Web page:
Saturday, December 28, 2019

The FAA Proposes a Landmark Rule for UAS Remote Identification

In the FAA Modernization and Reform Act of 2012, Congress tasked the Secretary of Transportation with developing “a comprehensive plan to safely accelerate the integration of

civil unmanned aircraft systems into the national airspace system.” Pub. L. 112-95, § 332(a)(1), 126 Stat. 11, 73 (codified at 49 U.S.C. § 40101).               

In 2016, pursuant to the instruction of the FAA Modernization and Reform Act, the Federal Aviation Administration  (FAA) promulgated the rule establishing the regulatory scheme  for drones in  Operation and Certification of Small Unmanned Aircraft Systems, 81 Fed. Reg. 42,064 (June 28, 2016) (hereinafter “Small UAS Rule”). This rule added a new part 107 to Title 14 Code of Federal Regulations (14 CFR) to allow for routine civil operation of small UAS (i.e., drones) in the national airspace system (“NAS") and to provide safety rules for those operations.

The key element to this new part 107 to CFR Title 14 was to allow commercial operation of Small UAS, i.e., drones weighing less than 55 pounds.

Now, in a truly landmark event, the U.S. Department of Transportation’s Federal Aviation Administration (FAA) on December 26, 2019, announced in a press release a proposed rule that would continue the safe integration of Unmanned Aircraft Systems (UAS), commonly called drones, into the nation’s airspace by requiring them to be identifiable remotely.

“Remote ID technologies will enhance safety and security by allowing the FAA, law enforcement, and Federal security agencies to identify drones flying in their jurisdiction,” said U.S. Transportation Secretary Elaine L. Chao.

The FAA states that the adoption of the proposed rule would then require the remote identification of unmanned aircraft systems. The remote identification of unmanned aircraft systems in the airspace of the United States would address safety, national security, and law enforcement concerns regarding the further  integration of these aircraft into the airspace of the United States while also enabling greater operational capabilities.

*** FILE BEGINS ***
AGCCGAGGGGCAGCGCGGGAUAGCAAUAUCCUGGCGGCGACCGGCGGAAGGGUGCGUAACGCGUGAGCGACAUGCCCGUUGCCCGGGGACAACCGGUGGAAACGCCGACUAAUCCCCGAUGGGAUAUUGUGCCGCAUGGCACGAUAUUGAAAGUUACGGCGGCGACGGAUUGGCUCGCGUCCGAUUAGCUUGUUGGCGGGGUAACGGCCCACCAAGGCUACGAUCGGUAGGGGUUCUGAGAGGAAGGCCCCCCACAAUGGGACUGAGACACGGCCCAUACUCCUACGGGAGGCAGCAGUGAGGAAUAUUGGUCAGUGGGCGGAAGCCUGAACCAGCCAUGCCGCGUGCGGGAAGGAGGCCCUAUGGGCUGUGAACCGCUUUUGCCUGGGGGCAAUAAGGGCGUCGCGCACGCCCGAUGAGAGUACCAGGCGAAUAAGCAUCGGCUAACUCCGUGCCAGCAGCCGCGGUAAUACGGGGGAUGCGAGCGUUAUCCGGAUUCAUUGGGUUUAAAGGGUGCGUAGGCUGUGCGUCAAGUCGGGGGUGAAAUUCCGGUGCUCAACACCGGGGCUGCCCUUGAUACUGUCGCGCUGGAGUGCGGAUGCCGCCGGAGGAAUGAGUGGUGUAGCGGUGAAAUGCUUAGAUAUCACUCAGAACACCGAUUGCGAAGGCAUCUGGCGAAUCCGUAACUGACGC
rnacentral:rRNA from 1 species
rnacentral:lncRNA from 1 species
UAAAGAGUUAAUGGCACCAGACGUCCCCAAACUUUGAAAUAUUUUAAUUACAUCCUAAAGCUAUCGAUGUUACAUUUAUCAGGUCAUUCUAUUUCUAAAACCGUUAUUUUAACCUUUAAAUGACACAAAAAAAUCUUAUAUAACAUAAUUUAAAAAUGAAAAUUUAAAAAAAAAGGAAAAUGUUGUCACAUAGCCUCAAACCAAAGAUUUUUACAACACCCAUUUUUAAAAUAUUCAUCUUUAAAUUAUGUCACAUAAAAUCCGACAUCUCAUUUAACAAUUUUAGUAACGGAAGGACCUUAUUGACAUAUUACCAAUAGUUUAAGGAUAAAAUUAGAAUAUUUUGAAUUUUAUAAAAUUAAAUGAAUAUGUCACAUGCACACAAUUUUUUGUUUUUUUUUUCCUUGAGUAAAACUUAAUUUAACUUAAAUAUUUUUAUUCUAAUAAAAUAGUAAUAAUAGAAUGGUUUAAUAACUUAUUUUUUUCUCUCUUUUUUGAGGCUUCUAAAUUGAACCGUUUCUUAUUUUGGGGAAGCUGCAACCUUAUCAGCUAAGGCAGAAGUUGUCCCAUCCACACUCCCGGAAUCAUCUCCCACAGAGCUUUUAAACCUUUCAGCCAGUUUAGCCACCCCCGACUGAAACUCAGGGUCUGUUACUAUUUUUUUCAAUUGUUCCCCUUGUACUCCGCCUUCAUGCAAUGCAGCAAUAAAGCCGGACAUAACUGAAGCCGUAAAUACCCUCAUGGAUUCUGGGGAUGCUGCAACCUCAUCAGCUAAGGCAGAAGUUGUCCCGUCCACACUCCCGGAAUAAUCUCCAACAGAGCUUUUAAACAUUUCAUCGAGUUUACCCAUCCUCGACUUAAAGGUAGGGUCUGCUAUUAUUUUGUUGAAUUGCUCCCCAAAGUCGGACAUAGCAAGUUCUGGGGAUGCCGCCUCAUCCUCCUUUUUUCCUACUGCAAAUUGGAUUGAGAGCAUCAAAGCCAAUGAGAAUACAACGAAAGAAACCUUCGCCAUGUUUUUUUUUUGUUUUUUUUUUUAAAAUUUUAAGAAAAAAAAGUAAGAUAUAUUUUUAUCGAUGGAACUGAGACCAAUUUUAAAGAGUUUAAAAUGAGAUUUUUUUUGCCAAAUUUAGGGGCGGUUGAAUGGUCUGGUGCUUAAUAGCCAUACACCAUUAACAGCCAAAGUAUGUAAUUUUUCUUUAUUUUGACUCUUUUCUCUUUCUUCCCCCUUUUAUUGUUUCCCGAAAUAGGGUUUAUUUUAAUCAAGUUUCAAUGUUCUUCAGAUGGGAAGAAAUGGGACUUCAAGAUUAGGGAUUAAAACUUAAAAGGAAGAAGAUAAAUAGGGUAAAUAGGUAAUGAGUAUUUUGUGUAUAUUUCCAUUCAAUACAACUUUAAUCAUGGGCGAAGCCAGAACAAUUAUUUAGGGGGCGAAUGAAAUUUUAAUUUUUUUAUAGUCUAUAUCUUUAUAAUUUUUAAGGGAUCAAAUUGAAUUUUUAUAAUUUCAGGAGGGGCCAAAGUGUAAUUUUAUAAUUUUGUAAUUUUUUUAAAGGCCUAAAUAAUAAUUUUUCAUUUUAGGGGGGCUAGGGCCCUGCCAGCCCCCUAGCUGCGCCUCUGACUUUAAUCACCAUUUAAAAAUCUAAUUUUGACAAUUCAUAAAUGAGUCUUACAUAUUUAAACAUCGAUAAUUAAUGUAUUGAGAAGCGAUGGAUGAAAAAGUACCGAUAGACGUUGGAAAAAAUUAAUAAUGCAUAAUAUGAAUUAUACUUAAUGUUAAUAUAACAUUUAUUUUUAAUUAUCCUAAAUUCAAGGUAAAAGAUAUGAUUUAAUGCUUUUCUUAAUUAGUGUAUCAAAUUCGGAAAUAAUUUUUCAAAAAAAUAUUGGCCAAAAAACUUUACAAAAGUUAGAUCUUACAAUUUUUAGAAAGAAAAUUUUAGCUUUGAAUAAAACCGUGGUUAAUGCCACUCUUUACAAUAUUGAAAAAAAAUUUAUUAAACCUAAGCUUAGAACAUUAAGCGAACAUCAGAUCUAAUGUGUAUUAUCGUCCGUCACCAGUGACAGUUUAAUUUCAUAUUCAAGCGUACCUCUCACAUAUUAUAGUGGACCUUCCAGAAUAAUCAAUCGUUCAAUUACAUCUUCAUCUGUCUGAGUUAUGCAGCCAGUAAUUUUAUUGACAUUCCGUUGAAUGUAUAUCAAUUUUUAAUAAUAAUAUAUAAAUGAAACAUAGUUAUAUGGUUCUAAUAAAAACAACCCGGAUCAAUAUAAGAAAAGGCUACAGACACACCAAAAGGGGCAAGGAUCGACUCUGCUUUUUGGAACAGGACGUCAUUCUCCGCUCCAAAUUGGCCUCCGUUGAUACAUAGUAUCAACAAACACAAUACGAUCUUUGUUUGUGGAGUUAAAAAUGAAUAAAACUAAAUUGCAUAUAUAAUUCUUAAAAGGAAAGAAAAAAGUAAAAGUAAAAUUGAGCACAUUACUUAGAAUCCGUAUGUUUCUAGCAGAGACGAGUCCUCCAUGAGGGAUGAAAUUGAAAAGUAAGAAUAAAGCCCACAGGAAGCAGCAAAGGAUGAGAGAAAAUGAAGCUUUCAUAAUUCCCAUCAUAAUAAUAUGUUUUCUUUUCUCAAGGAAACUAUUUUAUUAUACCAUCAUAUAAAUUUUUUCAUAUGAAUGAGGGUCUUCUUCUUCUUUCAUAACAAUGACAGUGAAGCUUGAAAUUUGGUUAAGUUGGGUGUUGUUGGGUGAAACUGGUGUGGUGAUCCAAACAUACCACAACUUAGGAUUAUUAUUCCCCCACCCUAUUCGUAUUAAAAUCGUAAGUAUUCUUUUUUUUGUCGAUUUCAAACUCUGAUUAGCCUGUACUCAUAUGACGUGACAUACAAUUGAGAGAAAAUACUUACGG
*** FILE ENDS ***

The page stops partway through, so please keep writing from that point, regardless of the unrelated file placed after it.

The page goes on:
The FAA will seek input regarding the Notice of Proposed Rulemaking (“NPRM”) for Remote Identification (“Remote ID”) of Unmanned Aircraft Systems  that was placed on display in the Federal Register on December 26, 2019. The document details in the Federal Register accompanying the proposed rule indicates that the 319-page NPRM, Document No. 2019-28100 in Docket No.: FAA-2019-1100 will be published on December 31, 2019. The publication date will establish a 60-day window for the filing of comments by interested parties to assist the FAA in developing a final rule to enhance safety in the skies over the U.S. due to the implementation of Remote ID systems.

See a copy of the complete FAA Remote ID NPRM  here.

As the reader might imagine, the 319-page document establishing the FAA’s Remote ID regulatory scheme, which program will be the foundation for all drone traffic management in the future, is  intensely complicated. As the FAA notes in its press release, Drones are a fast-growing segment of the entire transportation sector – nearly 1.5 million drones and 160,000 remote pilots are registered with the FAA, with that number estimated to increase as the FAA implements its Remote ID program and teh commercial drone industry continues to mature. Consequently, all interested parties are encouraged to weigh in with comments regarding this revolutionary proposal..  

A more detailed analysis of the NPRM, section by section, will follow in future posts.

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